Basuki Tjahaja Purnama Alienated the Public with Forced Evictions Along with a Crude and Abrasive Style
By: RIZAL RAMLI*
THE large demonstration against Jakarta Governor Basuki Tjahaja Purnama last Friday was unnerving for the capital city’s inhabitants, with more than 200,000 people filling the streets. Fortunately it was a largely peaceful affair, save for some unruly behavior after the demonstration ended.
But this show of force is just the tip of the iceberg, and more protests will follow. A number of Islamic organizations organized the demonstration, which was fueled by public outrage. They are planning another large protest to take place after Nov. 25 unless Mr. Purnama is tried and convicted of blasphemy against the Muslim faith.
For outsiders not familiar with Indonesia, Mr. Purnama’s position as an ethnic Chinese and Christian politician in a Muslim majority country explains his predicament. Many foreigners believe this is yet another example of intolerant Islam threatening the secular state.
But this simplistic narrative misses the point. Mr. Purnama’s crude and abrasive leadership style alienated the majority of Indonesians, most of them moderates. That enabled the radical Islamist fringe to use the religion card as a ploy to gain political influence.
Mr. Purnama’s most controversial policy has been the eviction of the poor from illegal residences without adequate compensation. While this won him favor with the rich and middle class, he is widely criticized in the mass print and social media.
During my tenure as a cabinet member in the Widodo administration, many Indonesians came to my residence, some in tears, to tell their stories of sometimes violent evictions. While these kinds of stories were common during the Suharto years, such an abuse of power in today’s Indonesia was shocking. Meanwhile, property developers, the main beneficiaries of Mr. Purnama’s policies, continue to bankroll his campaign for the 2017 gubernatorial election.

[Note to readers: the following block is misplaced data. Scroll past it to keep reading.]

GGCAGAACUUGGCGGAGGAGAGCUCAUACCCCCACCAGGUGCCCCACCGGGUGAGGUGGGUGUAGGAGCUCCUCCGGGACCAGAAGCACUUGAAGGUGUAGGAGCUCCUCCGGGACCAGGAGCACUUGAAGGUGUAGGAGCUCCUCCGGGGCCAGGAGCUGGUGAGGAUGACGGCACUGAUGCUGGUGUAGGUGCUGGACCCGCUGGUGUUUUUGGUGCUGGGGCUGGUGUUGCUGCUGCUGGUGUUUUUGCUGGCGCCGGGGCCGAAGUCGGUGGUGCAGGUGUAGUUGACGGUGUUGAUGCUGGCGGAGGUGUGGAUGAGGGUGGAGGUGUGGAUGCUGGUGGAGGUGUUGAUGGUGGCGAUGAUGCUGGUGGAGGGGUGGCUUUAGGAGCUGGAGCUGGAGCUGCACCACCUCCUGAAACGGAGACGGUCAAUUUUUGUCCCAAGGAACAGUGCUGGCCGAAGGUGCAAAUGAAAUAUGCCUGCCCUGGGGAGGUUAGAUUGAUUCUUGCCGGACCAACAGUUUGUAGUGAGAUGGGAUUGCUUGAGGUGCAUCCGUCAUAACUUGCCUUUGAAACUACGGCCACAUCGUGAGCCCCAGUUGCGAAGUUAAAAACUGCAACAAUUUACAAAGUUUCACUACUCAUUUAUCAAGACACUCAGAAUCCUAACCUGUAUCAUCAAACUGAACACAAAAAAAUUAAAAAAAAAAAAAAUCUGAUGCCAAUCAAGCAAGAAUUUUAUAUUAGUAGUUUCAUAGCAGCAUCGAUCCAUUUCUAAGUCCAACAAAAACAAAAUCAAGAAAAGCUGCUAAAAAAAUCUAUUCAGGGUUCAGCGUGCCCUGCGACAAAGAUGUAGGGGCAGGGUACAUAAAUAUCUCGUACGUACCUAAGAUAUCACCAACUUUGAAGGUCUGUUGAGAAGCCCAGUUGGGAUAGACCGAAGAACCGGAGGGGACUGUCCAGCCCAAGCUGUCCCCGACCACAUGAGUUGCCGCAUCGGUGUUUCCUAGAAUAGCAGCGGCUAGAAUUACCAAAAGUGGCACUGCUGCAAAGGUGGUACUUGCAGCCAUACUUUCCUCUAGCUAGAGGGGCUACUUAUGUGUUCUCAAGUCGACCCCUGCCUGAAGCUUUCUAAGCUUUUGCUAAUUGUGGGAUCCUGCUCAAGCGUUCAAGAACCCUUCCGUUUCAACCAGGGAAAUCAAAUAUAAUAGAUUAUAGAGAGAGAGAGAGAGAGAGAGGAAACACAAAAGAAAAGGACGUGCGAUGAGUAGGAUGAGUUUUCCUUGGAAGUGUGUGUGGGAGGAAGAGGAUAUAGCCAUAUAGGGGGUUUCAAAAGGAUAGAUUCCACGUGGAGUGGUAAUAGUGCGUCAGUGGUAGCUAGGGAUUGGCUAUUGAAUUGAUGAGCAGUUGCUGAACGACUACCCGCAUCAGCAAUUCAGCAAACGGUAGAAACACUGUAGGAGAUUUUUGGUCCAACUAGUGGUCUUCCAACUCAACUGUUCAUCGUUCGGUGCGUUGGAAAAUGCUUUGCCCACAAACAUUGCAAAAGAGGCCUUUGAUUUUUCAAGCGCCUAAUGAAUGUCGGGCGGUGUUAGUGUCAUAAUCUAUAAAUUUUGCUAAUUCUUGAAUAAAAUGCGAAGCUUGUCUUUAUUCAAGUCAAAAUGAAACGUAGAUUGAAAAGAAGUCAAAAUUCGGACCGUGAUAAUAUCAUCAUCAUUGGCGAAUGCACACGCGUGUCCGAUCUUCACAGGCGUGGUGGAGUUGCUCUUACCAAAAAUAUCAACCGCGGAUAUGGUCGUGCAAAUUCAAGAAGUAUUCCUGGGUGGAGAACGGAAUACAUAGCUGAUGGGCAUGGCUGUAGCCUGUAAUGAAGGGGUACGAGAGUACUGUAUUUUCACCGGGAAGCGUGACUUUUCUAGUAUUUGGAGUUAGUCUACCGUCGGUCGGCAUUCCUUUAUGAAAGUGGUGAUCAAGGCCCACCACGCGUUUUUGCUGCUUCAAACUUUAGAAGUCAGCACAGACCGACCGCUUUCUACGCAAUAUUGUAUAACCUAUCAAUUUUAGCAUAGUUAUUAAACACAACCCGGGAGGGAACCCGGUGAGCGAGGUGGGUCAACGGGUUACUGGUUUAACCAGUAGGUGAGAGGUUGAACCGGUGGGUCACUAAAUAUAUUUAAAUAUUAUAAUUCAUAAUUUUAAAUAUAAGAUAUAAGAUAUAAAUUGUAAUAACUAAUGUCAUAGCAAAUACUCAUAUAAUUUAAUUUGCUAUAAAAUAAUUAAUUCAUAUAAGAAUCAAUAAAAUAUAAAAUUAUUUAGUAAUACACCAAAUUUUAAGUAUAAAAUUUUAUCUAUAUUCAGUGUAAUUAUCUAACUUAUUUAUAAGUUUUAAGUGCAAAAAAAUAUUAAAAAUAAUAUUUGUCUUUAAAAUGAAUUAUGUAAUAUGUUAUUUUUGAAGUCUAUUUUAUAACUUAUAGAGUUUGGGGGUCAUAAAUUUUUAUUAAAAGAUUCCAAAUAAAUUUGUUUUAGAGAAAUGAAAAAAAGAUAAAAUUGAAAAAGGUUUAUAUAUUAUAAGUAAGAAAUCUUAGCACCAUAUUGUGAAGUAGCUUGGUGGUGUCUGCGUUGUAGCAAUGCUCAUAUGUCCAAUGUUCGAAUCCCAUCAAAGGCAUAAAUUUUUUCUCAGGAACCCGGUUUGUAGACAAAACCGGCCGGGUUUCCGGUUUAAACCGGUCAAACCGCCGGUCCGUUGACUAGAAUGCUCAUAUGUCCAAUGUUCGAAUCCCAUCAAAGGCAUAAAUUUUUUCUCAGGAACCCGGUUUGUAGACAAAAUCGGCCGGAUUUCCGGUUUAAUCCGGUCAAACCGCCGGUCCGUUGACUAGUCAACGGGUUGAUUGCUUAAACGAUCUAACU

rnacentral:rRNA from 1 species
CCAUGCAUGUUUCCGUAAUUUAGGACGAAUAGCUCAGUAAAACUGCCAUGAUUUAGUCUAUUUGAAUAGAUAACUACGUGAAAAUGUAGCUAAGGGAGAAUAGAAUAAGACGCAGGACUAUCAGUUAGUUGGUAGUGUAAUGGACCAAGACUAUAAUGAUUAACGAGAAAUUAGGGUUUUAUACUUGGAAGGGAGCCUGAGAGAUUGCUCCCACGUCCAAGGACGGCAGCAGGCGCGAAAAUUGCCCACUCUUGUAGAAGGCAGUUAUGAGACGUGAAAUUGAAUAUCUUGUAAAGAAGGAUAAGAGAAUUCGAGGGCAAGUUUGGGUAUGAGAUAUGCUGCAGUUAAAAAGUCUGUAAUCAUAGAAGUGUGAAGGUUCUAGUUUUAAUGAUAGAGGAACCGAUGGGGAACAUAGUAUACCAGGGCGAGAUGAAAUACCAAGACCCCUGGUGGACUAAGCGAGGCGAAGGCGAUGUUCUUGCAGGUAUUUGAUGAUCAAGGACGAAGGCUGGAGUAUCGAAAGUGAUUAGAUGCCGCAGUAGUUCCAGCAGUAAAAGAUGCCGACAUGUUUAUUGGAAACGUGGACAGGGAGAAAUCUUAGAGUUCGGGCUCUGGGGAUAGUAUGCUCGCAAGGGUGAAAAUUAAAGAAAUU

Allegations of blasphemy against Islam and a sordid history of forced evictions are not Mr. Purnama’s only problems. He also leaves behind him a trail of financial scandals. These include the purchase of land for the Sumber Waras hospital that had an unaccounted flow of $35 million and the improper purchase of publicly owned land in the district of Cengkareng. Mr. Purnama denies any wrongdoing.
Mr. Purnama’s true character was most evident when protestors came to the streets and he derided them instead of seeking a dialogue. His public outburst that he would “use gasoline cannons to burn the demonstrators” shows why he is increasingly disliked.
Mr. Widodo has promised fast and transparent hearings over the coming weeks to decide the validity of the blasphemy charges against Mr. Purnama. This will determine whether he can continue as a candidate in the Jakarta race. But the protesters believe the hearings will be biased in the governor’s favor, since the president has a huge personal stake.
Mr. Purnama was deputy governor when Mr. Widodo ran Jakarta before stepping down to run successfully in the 2014 presidential election. Not only are they allies, but Mr. Widodo would like to use Mr. Purnama to prevent the opposition from gaining the political post that launched his bid to become president.
Unfortunately for the president, Mr. Purnama’s insistence on running in the Jakarta election could lead to serious consequences, both for his presidency and the country. If he is found “not guilty” of blasphemy, as expected, there will likely be more demonstrations, not only demanding he step down but perhaps greater political changes as well.
There is also a serious risk that future demonstrations could turn violent. The fundamentalist right might decide this is their opportunity to exploit the situation and strengthen their grip on the Indonesian political landscape. If so, the economy would certainly suffer and the army could decide to step in.
The best-case scenario would be for Mr. Purnama to admit his mistakes and resign from the election. At the very least, the president should pull his friend aside and tell him to do what is best for the country. This would defuse a precarious situation and deny fundamentalists the opening to pursue power.
Mr. Widodo won the presidency by promising to concentrate on political reform and economic growth. To fulfill his pledges he needs to put the always lurking Islamist genie firmly back in the bottle.
The Wall Street Journal